The importance of integrating sponsors in surprising and strategic ways makes a big difference to your ongoing partnerships and the return that you both get from it. Brand logos should not be “vomited all over an event”. Incorporate them in a way that feels authentic to both your race and has a touch of what their company is about. If understanding their company requires some more in depth connection than just handing out a snack bar, work with them to bring some of their team along to be present and talk to your participants. Provide slots for the race opening to give a quick talk, have a ‘chill zone’ where tired racers can come and sit down and read about the company for a while. For more on how to work with sponsors, see our guide on ‘What Can Your Race Offer a Sponsor’.
If your race is timed, and you can afford to spend some money on a decent timing system, make sure its one which acts fast. Theres nothing worse than missing your time when you cross that finish line, and having to wait a day before your official one. The quicker you can give people their official race time the better, via text preferably as no one checks their emails when the only thing they can think about is how much their legs ache. By giving them this information, they’ll be more willing to share it with others in the heat of the moment, via social media, in private messages or in person. Once the race is over the endorphins will wear off and they’ll just keep their time to themselves when it's received. Another good way of encouraging your racers to take photos is to have the time on your finishing arch, so that either your race photographer or their supporters can catch a shot with the time on it as they cross that line. Make the most out of your racers to generate user content while you can! See our guide for more on race timing solutions.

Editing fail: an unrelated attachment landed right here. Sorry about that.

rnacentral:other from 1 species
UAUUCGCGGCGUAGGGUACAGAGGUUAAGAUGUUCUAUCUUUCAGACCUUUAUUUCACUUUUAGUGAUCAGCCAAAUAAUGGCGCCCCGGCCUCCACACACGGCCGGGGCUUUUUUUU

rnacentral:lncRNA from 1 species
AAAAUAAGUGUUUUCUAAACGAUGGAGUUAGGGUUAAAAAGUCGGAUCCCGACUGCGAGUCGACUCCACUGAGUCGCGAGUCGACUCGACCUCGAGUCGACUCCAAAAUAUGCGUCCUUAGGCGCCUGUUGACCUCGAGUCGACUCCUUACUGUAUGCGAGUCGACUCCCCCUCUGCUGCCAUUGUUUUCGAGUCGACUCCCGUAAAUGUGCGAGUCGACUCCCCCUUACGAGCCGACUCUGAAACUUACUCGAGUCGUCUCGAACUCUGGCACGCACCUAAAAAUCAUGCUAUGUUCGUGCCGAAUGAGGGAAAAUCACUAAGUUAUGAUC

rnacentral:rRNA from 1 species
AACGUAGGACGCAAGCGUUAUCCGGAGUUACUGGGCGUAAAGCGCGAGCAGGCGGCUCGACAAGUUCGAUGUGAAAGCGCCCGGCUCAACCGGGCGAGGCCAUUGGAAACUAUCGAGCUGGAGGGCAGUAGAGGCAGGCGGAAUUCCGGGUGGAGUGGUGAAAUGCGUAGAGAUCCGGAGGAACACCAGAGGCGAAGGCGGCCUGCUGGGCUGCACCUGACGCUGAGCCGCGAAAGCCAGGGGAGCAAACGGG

Making your event authentic isn’t easy in a year-round calendar full of races to compete with. But if we can give you one thing to take away from this guide, its to spend money on things that matter. Audiences—and especially sponsors—don’t want to see their money spent on lavish affairs. Don’t blow your budget on things like fancy gift bags, expensive entertainment, unnecessary single-use decor and more—unless it really furthers your event’s cause. Stay true to your organization—and your budget, but invest in the people who will create the atmosphere you want to experience.
The team at eventrac are on hand to assist with all components of your event. From advice on promoting your event through low cost channels such as social media, to a guided tutorial on a specific feature of eventrac. We are here to help.